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WSPR - 80m BAND - 22~23/03/2017
WSPR 80m (3.5 - 3.7 MHz) band activity data recorded for a 48 hour period on the 22~23/05/2017
Data from the WSPR web site relating to monitoring and transmission from VK6YSF Northam Western Australia.

WSPR Frequency: Dial 3.5926 MHz USB (occupied bandwidth 3.5940 - 3.5942 MHz)

Grid location: OF88II

Local Time = +8:00 hours (0:00 = 8:00AM)

Transmission Power 37 dBm (5Watts)

SSN (Sun Spot Number): 

Equipment: TS-930 at 5W, Radio computer interface

Antenna: Multi-band dipole with T-Match tuner and 4-1 Current Balun

Regular short distance contacts between VK6PK and VK6YSF and a number of other local stations had noted that the band would go dead for a consistent hour or two on odd occasions. WSPR pings have been monitored between VK6PK and VK6YSF for two 24 hour periods (22/05/2017 & 23/05/2017) to see if these drop outs could be observed.

WSPR data has been graphed using Excel. Horizontal axis = UTC Time, Vertical axis = dB below the noise floor.

VK6PK

Distance: 32.0km

Grid location: OF88ee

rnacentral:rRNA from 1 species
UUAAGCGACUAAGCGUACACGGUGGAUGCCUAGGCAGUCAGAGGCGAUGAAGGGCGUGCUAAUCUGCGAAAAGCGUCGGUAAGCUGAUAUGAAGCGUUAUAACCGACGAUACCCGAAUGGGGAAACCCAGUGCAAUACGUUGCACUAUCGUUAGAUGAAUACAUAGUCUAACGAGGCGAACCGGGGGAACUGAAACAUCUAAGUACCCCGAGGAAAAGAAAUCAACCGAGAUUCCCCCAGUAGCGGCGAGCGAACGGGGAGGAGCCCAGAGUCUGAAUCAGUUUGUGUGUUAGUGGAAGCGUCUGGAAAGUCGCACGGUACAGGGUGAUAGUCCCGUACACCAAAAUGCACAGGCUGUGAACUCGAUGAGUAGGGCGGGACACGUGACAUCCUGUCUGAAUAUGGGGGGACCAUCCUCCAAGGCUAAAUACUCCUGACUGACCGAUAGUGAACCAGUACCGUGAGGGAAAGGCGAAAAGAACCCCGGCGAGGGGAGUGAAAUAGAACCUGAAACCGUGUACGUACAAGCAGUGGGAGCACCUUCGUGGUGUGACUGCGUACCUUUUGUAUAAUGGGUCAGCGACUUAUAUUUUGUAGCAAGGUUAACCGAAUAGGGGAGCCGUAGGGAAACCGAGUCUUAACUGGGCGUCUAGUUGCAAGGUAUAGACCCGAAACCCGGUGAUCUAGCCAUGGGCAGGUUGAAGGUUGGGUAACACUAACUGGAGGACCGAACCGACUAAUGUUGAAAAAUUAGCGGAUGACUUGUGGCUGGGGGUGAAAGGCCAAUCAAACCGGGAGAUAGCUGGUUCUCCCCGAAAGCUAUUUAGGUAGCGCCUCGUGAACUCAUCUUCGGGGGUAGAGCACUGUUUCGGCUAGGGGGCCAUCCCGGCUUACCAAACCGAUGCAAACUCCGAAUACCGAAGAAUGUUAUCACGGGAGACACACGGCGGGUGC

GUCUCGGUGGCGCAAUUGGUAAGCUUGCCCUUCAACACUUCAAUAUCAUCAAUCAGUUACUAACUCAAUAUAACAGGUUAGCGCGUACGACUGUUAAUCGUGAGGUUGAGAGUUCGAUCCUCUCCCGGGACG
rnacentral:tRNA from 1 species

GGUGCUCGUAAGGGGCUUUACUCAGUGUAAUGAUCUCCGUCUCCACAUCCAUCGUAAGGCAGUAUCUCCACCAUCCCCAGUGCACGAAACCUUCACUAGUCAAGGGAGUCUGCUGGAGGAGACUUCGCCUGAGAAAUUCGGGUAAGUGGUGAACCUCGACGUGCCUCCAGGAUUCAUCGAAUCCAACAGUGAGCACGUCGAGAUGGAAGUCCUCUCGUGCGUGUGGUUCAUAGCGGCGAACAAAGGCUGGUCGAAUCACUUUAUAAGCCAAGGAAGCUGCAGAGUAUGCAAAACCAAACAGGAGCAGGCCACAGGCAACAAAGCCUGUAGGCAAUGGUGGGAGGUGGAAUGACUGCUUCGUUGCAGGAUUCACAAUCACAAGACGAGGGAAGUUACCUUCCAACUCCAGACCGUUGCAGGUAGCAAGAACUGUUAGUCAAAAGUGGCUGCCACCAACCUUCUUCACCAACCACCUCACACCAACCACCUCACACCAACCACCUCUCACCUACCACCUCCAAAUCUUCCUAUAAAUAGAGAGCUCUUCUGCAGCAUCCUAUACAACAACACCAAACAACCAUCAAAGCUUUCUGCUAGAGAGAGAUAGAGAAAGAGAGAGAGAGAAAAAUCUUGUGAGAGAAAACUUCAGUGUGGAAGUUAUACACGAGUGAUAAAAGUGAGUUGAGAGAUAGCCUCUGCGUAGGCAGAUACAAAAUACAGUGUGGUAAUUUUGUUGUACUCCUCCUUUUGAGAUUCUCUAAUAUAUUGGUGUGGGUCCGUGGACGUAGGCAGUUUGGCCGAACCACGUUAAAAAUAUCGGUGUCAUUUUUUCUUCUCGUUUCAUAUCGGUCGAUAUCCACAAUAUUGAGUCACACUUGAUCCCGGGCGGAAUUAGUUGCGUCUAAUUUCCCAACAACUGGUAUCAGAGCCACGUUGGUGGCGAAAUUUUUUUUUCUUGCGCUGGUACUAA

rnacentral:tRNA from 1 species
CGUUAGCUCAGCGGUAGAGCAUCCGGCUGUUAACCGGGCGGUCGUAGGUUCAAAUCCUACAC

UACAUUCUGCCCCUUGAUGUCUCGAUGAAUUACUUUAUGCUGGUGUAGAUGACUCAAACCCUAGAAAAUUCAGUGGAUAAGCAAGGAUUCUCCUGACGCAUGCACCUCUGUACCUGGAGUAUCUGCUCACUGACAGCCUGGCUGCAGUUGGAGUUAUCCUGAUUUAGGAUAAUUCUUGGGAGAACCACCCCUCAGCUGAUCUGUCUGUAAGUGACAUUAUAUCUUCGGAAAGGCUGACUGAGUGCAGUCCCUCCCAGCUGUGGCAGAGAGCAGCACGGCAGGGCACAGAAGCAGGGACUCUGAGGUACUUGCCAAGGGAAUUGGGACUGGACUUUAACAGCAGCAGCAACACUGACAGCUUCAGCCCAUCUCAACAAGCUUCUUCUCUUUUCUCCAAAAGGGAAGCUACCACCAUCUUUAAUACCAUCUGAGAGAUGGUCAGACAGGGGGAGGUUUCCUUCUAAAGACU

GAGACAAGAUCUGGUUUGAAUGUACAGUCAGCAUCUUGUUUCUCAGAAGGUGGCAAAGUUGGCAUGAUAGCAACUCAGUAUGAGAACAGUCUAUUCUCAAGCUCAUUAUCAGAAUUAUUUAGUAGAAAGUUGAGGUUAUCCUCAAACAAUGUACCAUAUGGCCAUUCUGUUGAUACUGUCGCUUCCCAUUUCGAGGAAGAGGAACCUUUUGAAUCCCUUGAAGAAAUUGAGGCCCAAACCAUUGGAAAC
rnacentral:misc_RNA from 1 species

dBm: 37

The pings shown in orange for the 23/05/2017 clearly show the pings drop well down below the noise floor from just past 10:00UTC (18:00WST) to just past 12:00UTC (20:00WST) a period of about two hours.

Although not common on the 80m band I believe that our short range communications are be affected by a brief skip zone be created due to the weaker than usual F layer.

At lower latitudes (Southern Hemisphere) higher latitudes (Northern Hemisphere), a noticeable skip zone sometimes appears on the band during darkness hours in midwinter, which can be as much as 500 km (300 miles), rendering communication with some nearby stations impossible. This is not generally a problem at middle or equatorial latitudes, or for large parts of the year anywhere, but it does occasionally limit local wintertime traffic on the 80m band in areas such as Southern Australia, Northern Europe, the northern tier of the United States and Canada.

To decrease or eliminate the skip zone is by decreasing the operating frequency (Dropping to a lower band if possible). A point is eventually reached when decreasing the frequency results in a zero distance skip zone. In other words, a frequency exists for which vertically incident radio waves will always be refracted back to the Earth. This frequency is equivalent to the ionospheric plasma frequency and is also known as the ionospheric critical frequency.

           

Illustration of long distance radio propagation with vertical incident refraction and long distance radio propagation with skip zone.

 

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